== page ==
The €uropean



Chart of the Day

Is Wall Street cheap, expensive or fair valued?


 Here is a chart which may help you to give an anwer.

A long-term chart suggests Wall Street is fair-valued, but not very cheap or excessively expensive.

A few days ago, I ate dinner in Paris with Paul Horne, an independent market economist, after spending a life at Smith Barney.

While dining out at Aux Anysetiers du Roy, on the Ile Saint Louis, he showed me the chart aside, depicting the S&P stock price since 1900.

He noted that at the bottom of last March 9, when the S&P 500 touched 676, the stock market had just come back to the secular up-trend. Paul had neither a bullish or a bearish bias, but argued that this is the fourth secular bear market since 1900. In the other three cases the market overshot on the down side, falling much lower than the trend. If the pattern holds, the S&P 500 might fall to 600 or even 400, or, alternatively, the market could experience a long-term sideways movement.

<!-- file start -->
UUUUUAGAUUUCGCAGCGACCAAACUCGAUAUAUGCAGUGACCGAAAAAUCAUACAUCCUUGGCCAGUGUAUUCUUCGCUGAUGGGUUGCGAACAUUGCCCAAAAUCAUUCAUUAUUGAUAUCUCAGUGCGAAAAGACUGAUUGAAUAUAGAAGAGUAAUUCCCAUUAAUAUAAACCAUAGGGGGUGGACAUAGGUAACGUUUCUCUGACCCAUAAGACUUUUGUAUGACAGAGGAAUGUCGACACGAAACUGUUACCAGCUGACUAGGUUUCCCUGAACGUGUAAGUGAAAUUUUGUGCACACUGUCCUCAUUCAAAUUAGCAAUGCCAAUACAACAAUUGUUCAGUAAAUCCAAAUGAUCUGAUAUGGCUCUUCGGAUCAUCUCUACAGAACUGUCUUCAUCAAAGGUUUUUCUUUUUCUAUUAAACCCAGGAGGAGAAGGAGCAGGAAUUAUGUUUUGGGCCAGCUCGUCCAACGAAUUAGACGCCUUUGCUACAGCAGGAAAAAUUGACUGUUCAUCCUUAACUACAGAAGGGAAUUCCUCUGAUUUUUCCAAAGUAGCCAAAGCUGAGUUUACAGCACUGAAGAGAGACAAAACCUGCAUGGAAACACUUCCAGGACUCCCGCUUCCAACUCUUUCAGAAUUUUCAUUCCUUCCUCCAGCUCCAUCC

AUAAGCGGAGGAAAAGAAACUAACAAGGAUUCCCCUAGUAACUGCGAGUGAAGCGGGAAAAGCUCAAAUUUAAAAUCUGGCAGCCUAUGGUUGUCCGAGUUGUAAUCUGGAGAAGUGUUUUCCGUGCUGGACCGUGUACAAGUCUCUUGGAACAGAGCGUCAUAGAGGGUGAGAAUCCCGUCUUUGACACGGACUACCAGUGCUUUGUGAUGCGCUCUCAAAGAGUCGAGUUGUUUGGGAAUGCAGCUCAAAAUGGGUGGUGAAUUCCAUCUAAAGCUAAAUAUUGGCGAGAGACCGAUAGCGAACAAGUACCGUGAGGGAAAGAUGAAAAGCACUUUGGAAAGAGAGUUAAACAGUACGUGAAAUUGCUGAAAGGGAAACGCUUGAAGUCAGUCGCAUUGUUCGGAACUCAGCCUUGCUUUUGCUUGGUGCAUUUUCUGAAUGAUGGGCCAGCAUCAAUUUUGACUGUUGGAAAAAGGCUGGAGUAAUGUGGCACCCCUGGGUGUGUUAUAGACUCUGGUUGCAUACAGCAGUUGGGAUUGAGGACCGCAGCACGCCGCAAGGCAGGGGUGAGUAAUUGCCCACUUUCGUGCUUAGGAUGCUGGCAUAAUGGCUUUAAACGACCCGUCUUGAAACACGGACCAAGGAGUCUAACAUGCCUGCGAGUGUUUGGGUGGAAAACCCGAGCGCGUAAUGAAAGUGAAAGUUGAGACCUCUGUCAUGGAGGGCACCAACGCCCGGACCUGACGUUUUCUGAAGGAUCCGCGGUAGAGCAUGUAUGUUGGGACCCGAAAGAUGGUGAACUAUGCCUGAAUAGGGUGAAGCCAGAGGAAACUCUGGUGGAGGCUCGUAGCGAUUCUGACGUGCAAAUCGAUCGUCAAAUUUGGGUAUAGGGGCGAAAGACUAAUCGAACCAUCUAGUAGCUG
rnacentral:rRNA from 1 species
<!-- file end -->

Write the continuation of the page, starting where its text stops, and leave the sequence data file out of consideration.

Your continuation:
"All depends on the economy," told me Ed Yardeni a few days later. I talked to the famous guru over the phone regarding an article I was preparing for a magazine. He said: Where we go from here hinges on the outlook for the economy. My view is that this is a deep deep recession; it would have been a depression, except for very stimulus policy responses around the world. And so I still believe it will not be a depression, in which case, a 50% collapse in stock prices is as bad as it can be."

Yardeni admitted he was personally hurt by the bear market and that "very few people missed the rout."

"But if you still have purchasing power”, he went on, “I would say: start buying now and keep buying for the next 6-12 months and 5 to 10 years from now you'll be very profitable. Of course, if I am wrong, and this is a depression, stocks may fall 70-90% from the all time high. In that case, you may find stocks at even more attractive prices.” The decision - as always - is up to the reader.

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